Labyrinthine and visual involvement in the dorsal immobility response of adult rats

The dorsal immobility response (DIR) is typically seen in the infants of many altricial mammalian species. Lifting the animal into the air by the nape of the neck is the primary releasing stimulus. Functionally, this response appears to facilitate carrying of the infants by the adults. When grasped by the nape and lifted into the air, adult rats will also exhibit the DIR. In this paper, the role of the labyrinths in the DIR of adult male rats was examined. Vestibular stimulation produced by vertical circular acceleration increased the duration of the DIR, while labyrinthectomy greatly diminished the DIR. In rats with intact labyrinths, visual occlusion greatly potentiated the DIR, whereas, in labyrinthectomized rats, visual occlusion had little effect. These data indicate that the vestibular system plays a major role in mediating the DIR of adult rats. The retention of the DIR into adulthood and the possible increased role of the labyrinths in the control of the adult DIR, are discussed with respect to the possible role of the DIR as an anti-predator mechanism. © 1990.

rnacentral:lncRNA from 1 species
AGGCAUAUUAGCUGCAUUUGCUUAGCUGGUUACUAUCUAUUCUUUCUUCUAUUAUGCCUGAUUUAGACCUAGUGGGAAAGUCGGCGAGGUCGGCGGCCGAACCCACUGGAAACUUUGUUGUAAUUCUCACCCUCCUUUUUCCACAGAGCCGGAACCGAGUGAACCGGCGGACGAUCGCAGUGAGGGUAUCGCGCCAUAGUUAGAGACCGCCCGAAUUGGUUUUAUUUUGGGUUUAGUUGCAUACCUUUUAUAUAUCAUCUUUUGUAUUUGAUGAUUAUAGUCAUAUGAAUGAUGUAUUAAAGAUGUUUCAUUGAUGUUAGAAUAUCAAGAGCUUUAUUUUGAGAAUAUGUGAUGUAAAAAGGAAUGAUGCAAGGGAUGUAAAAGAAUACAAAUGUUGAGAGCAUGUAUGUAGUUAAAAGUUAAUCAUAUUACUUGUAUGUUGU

The dorsal immobility response (DIR) is typically seen in the infants of many altricial mammalian species. Lifting the animal into the air by the nape of the neck is the primary releasing stimulus. Functionally, this response appears to facilitate carrying of the infants by the adults. When grasped by the nape and lifted into the air, adult rats will also exhibit the DIR. In this paper, the role of the labyrinths in the DIR of adult male rats was examined. Vestibular stimulation produced by vertical circular acceleration increased the duration of the DIR, while labyrinthectomy greatly diminished the DIR. In rats with intact labyrinths, visual occlusion greatly potentiated the DIR, whereas, in labyrinthectomized rats, visual occlusion had little effect. These data indicate that the vestibular system plays a major role in mediating the DIR of adult rats. The retention of the DIR into adulthood and the possible increased role of the labyrinths in the control of the adult DIR, are discussed with respect to the possible role of the DIR as an anti-predator mechanism. © 1990.

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